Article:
Legal separation and its date to remember

On Behalf of | May 24, 2021 | Spousal support

There are many reasons why couples pursue a legal separation, including tax issues, health insurance matters and religious beliefs, but the most common is something of a gray area: The couple is unsure if they want to stay married, but they’re also not ready to divorce.

While the reasons for a legal separation might include a mix of unresolved emotions and disagreements, California law contains clear distinctions between legal separation and divorce, several of which involve the date on which you and your spouse separate.

That was then, this is now

State law used to require couples to live apart, meaning that one spouse had to move out, in order for there to be a legal separation. But the Family Code was amended a few years ago to say that the “’(d)ate of separation’ means the date that a complete and final break in the marital relationship has occurred” if two things have happened: one “spouse has expressed to the other spouse the intent to end the marriage” and then the spouse conducts herself or himself in a way that’s consistent with their statement.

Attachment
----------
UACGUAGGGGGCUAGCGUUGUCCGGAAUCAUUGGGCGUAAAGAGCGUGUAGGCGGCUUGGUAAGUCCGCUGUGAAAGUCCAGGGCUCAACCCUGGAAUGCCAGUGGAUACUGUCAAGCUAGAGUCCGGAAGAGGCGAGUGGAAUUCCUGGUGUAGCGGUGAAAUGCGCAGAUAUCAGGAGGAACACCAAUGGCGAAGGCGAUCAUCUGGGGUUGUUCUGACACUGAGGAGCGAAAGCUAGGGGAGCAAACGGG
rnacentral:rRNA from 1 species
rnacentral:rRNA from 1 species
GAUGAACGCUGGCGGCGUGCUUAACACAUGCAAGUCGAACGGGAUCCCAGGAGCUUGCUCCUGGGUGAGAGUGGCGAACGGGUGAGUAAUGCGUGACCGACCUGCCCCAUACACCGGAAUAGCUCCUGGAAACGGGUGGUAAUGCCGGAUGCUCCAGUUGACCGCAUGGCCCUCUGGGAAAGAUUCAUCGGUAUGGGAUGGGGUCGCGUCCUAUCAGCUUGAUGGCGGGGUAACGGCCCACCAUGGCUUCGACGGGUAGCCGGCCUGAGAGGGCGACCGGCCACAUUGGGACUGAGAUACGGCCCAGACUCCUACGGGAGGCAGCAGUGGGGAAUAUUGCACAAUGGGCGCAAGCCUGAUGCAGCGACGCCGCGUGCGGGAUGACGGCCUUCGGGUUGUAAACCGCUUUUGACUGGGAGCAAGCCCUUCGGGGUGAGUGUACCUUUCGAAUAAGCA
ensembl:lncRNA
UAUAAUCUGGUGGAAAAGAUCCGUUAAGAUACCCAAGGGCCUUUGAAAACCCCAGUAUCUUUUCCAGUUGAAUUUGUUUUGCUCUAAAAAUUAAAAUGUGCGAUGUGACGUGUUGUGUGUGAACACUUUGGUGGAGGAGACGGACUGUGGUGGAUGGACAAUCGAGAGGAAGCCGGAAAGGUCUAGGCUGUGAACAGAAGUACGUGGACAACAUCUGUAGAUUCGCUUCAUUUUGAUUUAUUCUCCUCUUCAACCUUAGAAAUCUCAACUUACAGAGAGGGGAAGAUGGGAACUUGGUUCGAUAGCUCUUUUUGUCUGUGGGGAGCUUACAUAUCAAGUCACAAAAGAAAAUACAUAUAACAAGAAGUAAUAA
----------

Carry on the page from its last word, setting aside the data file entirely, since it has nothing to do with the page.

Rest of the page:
The bottom line is that today you can get a legal separation though you still live in the same Orange County house.

Separated, though living together

Why would a legally separated couple want to continue to live together? There are again many possible reasons, including unresolved child custody and child support issues, but the most common is that it’s simply too expensive for the couple to maintain two households simultaneously.

So if a separated couple is living together, the date of separation is important because it’s used to determine community and separate property interests. Community property rights stop on that date, so income earned and assets acquired after that separation date are separate property.

Note, too, that the date of separation is also a factor the court considers when determining long-term spousal support, as it signals the end of the period in which you lived as part of a married couple.